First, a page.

All the talk about teams having a “responsibility” to each other is PR spin BS. That only works if everybody was on the same page.The “file and trial” system is just a gamble of losing twice as much leverage in future years by not just agreeing on a midpoint or close to it. The ironic thing about it is that the arbitration process uses comparables of all similar players in the league. File and Trial would only work for a team if all teams used it and over half of the cases were won by the teams..
I would argue that the best way for teams to “manage” the process is to meet with the agents and try to come to an agreement. Only then go to trial if something can not be worked out.
The “responsibility” aspect really only comes into play for contracts avoiding arbitration. A player who wins or loses his hearing is almost never going to be used as a comparison unless the two filing numbers are extremely close (like in Hoover’s case) since the filing number isn’t a true representation of the player’s value.
Your reasoning is flawed owing to unexamined assumptions. You assume the Jays did not go to the halfway mark, but you do not know that. You assume the players would have taken less than their filing number, but you do not know that.
So through faulty reasoning, you have created a fictional scenario where the Jays have mismanaged their finances and caused there to be bad blood between the team and the players.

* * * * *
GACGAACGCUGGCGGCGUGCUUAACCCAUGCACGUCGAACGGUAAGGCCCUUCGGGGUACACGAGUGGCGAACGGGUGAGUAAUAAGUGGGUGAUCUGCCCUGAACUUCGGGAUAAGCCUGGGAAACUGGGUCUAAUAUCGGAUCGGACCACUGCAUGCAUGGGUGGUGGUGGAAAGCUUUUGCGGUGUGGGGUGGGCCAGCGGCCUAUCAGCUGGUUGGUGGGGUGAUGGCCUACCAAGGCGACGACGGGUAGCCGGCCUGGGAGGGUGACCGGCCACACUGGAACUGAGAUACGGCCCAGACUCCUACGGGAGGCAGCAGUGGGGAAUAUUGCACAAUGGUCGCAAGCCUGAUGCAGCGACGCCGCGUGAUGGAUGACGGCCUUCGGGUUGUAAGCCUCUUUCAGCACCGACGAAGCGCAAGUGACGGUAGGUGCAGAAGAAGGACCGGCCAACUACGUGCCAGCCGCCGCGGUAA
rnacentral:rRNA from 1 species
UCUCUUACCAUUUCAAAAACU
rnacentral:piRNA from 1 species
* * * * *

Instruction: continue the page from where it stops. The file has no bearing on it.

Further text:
Your logic is wholly without warrant, and so your criticism is entirely without merit.
Doesn’t the team typically win these? In the last couple of days I think all have gone in the players favor.
Players 3 – Teams 0 so far this year.
It’s interesting. Perhaps teams haven’t adjusted their arbitration figures enough with the quickly rising salaries.
I think you might be right.
I still don’t understand why Chavez is a Blue Jay. Especially if he is taking Hendricks place in the pen. Less upside than Liam, less club control and literally 10 times more expensive. Acquiring him is the weirdest thing the new FO has done.
Chavez is a viable rotation option though, so even if he ends up in the bullpen as a long man, he’s still providing valuable depth to the rotation that Hendriks didn’t,
I suppose so, but my money has Chavez as a relief arm-not the 5th starter. If that’s the case, I would rather have Hendricks back.